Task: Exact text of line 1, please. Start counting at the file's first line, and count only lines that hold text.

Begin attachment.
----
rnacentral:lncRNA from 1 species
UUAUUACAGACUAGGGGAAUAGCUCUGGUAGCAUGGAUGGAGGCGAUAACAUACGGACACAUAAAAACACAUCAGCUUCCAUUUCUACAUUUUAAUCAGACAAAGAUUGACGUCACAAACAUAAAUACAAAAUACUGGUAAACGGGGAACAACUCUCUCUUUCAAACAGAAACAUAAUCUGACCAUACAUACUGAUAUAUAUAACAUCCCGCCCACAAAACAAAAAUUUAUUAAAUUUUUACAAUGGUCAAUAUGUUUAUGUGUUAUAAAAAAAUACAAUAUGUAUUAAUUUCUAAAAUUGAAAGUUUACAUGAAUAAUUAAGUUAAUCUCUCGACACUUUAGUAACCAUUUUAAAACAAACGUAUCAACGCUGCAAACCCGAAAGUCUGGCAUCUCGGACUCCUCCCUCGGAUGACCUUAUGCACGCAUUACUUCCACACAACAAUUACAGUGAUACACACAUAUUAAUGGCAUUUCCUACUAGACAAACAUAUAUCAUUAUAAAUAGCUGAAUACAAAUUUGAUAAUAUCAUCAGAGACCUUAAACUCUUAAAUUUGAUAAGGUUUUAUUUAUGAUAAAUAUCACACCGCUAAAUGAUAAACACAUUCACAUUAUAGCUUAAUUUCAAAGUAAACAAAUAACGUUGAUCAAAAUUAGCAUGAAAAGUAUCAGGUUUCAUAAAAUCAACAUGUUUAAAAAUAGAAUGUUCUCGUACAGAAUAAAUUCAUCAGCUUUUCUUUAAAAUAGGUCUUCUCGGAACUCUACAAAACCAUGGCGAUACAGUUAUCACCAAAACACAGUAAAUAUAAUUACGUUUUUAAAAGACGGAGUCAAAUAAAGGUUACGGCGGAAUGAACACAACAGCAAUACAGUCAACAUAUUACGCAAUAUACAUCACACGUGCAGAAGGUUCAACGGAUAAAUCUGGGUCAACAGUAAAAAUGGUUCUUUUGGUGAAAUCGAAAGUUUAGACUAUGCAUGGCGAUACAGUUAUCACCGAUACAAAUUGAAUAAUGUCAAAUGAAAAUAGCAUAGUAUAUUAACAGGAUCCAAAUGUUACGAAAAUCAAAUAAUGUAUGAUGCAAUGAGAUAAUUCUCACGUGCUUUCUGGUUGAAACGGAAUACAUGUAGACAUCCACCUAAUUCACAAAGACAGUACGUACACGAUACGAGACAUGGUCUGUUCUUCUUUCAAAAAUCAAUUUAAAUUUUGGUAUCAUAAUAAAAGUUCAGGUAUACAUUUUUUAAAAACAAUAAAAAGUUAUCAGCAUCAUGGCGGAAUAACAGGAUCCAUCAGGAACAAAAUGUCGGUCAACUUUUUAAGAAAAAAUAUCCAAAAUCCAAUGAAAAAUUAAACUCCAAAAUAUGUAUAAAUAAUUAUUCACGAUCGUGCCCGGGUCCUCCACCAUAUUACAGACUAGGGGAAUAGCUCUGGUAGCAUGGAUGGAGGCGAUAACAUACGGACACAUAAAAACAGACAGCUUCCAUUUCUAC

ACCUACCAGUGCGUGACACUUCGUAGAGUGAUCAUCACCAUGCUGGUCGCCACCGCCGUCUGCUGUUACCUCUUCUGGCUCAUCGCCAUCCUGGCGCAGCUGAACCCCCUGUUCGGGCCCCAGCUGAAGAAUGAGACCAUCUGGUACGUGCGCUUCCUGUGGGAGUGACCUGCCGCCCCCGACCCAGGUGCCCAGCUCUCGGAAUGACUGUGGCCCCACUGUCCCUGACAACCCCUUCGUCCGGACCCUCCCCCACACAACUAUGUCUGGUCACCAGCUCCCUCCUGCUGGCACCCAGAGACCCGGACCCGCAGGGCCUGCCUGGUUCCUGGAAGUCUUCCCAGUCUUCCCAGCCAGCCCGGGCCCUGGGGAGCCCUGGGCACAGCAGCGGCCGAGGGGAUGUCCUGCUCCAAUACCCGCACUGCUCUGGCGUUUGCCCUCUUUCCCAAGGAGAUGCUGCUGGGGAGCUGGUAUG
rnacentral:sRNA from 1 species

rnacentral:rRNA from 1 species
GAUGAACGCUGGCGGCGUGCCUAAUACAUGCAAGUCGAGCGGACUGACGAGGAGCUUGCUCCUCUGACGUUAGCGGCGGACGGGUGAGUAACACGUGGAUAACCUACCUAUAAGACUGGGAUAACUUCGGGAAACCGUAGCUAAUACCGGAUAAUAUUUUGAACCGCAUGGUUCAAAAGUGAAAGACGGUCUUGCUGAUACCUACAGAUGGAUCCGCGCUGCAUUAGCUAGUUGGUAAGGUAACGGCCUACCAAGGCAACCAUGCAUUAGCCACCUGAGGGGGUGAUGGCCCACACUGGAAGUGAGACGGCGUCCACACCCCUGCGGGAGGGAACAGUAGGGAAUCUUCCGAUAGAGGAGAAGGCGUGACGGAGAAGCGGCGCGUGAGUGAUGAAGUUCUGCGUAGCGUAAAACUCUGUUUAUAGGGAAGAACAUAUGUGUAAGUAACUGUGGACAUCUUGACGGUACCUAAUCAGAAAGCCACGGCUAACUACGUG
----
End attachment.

rnacentral:lncRNA from 1 species